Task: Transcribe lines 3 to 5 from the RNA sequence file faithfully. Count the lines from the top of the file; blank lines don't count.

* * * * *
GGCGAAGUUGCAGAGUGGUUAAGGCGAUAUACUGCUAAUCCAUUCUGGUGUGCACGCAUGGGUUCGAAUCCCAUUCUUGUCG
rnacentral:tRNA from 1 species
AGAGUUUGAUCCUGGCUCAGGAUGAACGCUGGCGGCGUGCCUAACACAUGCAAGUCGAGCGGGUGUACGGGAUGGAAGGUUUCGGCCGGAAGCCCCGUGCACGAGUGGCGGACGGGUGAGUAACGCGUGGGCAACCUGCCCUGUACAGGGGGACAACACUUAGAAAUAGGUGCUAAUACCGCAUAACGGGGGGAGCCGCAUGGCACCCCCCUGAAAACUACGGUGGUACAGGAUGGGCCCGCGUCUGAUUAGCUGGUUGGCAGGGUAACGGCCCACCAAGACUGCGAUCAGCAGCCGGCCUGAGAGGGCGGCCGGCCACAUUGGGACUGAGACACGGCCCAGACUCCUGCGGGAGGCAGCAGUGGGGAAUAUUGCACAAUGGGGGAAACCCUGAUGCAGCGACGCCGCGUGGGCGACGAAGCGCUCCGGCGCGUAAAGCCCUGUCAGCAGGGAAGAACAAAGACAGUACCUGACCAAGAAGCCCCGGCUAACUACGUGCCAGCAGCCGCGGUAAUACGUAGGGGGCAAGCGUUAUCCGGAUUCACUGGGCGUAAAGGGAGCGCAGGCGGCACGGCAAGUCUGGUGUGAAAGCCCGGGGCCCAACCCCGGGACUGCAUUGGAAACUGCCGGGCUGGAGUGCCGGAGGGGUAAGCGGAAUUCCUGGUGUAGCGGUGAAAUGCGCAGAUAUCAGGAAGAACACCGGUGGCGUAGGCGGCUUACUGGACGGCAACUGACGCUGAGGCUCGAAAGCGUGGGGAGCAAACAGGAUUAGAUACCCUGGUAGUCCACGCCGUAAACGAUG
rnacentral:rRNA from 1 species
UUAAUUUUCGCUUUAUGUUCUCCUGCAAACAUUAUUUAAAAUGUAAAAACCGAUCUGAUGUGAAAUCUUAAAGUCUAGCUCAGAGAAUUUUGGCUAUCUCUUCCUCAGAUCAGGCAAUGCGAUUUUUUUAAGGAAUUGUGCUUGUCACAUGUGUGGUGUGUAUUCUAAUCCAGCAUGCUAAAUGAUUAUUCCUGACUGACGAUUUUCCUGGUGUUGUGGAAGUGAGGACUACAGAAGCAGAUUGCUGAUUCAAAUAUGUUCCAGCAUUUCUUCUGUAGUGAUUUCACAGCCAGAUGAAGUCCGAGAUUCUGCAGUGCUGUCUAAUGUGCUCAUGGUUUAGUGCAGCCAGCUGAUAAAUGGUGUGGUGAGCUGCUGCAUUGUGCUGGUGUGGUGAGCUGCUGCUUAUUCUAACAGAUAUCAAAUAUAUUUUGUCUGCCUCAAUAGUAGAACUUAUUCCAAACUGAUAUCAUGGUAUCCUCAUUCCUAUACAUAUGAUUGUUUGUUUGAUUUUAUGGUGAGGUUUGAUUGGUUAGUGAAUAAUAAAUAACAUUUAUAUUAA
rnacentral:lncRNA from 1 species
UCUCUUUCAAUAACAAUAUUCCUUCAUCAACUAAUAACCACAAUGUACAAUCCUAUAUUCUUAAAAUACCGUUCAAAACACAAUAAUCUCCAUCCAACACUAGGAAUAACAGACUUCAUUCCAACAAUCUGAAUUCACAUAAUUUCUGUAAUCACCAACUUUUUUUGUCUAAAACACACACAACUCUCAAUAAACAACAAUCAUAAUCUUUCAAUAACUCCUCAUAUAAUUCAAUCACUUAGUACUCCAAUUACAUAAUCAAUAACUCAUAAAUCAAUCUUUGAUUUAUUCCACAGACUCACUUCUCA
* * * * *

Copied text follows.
AGAGUUUGAUCCUGGCUCAGGAUGAACGCUGGCGGCGUGCCUAACACAUGCAAGUCGAGCGGGUGUACGGGAUGGAAGGUUUCGGCCGGAAGCCCCGUGCACGAGUGGCGGACGGGUGAGUAACGCGUGGGCAACCUGCCCUGUACAGGGGGACAACACUUAGAAAUAGGUGCUAAUACCGCAUAACGGGGGGAGCCGCAUGGCACCCCCCUGAAAACUACGGUGGUACAGGAUGGGCCCGCGUCUGAUUAGCUGGUUGGCAGGGUAACGGCCCACCAAGACUGCGAUCAGCAGCCGGCCUGAGAGGGCGGCCGGCCACAUUGGGACUGAGACACGGCCCAGACUCCUGCGGGAGGCAGCAGUGGGGAAUAUUGCACAAUGGGGGAAACCCUGAUGCAGCGACGCCGCGUGGGCGACGAAGCGCUCCGGCGCGUAAAGCCCUGUCAGCAGGGAAGAACAAAGACAGUACCUGACCAAGAAGCCCCGGCUAACUACGUGCCAGCAGCCGCGGUAAUACGUAGGGGGCAAGCGUUAUCCGGAUUCACUGGGCGUAAAGGGAGCGCAGGCGGCACGGCAAGUCUGGUGUGAAAGCCCGGGGCCCAACCCCGGGACUGCAUUGGAAACUGCCGGGCUGGAGUGCCGGAGGGGUAAGCGGAAUUCCUGGUGUAGCGGUGAAAUGCGCAGAUAUCAGGAAGAACACCGGUGGCGUAGGCGGCUUACUGGACGGCAACUGACGCUGAGGCUCGAAAGCGUGGGGAGCAAACAGGAUUAGAUACCCUGGUAGUCCACGCCGUAAACGAUG
rnacentral:rRNA from 1 species
UUAAUUUUCGCUUUAUGUUCUCCUGCAAACAUUAUUUAAAAUGUAAAAACCGAUCUGAUGUGAAAUCUUAAAGUCUAGCUCAGAGAAUUUUGGCUAUCUCUUCCUCAGAUCAGGCAAUGCGAUUUUUUUAAGGAAUUGUGCUUGUCACAUGUGUGGUGUGUAUUCUAAUCCAGCAUGCUAAAUGAUUAUUCCUGACUGACGAUUUUCCUGGUGUUGUGGAAGUGAGGACUACAGAAGCAGAUUGCUGAUUCAAAUAUGUUCCAGCAUUUCUUCUGUAGUGAUUUCACAGCCAGAUGAAGUCCGAGAUUCUGCAGUGCUGUCUAAUGUGCUCAUGGUUUAGUGCAGCCAGCUGAUAAAUGGUGUGGUGAGCUGCUGCAUUGUGCUGGUGUGGUGAGCUGCUGCUUAUUCUAACAGAUAUCAAAUAUAUUUUGUCUGCCUCAAUAGUAGAACUUAUUCCAAACUGAUAUCAUGGUAUCCUCAUUCCUAUACAUAUGAUUGUUUGUUUGAUUUUAUGGUGAGGUUUGAUUGGUUAGUGAAUAAUAAAUAACAUUUAUAUUAA